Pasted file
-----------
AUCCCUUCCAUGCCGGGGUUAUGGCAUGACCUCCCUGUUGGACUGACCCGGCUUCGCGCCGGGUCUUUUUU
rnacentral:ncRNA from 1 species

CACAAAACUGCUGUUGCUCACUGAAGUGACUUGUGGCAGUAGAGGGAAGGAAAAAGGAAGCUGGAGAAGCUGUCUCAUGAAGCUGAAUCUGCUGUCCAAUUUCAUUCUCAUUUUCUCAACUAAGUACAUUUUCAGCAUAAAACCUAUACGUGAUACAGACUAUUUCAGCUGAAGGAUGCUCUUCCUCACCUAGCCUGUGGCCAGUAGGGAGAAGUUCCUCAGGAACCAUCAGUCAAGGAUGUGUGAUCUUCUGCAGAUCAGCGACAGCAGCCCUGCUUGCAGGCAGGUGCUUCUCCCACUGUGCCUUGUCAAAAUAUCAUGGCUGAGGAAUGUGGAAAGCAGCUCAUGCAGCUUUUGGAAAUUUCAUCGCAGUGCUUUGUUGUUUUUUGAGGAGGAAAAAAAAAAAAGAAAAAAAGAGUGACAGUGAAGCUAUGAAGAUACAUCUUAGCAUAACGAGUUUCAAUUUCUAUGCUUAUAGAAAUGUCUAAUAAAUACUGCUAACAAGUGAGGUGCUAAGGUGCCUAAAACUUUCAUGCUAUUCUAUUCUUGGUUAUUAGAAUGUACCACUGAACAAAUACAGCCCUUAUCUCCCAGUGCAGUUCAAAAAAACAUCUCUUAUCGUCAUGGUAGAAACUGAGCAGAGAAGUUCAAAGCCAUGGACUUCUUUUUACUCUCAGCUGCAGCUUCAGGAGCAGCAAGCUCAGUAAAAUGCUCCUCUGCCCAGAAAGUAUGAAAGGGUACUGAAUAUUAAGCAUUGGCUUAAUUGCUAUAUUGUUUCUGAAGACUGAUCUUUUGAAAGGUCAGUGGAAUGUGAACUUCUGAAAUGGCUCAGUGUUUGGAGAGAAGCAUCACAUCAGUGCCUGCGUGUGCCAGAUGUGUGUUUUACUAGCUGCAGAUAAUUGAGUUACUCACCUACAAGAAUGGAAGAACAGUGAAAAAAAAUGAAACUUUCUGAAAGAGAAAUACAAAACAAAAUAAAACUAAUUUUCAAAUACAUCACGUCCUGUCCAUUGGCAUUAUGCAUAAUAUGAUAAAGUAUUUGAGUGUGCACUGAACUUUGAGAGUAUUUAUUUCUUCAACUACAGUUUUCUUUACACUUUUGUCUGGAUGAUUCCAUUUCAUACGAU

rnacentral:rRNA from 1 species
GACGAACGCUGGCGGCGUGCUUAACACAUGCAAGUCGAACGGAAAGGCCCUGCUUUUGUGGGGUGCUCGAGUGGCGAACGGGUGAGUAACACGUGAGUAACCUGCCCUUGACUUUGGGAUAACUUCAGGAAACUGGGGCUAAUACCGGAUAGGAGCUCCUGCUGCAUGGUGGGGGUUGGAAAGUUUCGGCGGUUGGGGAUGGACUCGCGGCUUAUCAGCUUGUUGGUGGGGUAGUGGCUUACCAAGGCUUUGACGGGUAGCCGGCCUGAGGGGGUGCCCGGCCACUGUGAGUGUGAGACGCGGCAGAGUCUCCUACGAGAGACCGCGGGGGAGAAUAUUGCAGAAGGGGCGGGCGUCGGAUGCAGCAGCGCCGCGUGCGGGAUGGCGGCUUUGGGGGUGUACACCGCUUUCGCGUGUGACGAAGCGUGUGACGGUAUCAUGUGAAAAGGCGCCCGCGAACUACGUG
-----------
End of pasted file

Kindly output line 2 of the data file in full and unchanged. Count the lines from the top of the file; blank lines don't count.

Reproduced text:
rnacentral:ncRNA from 1 species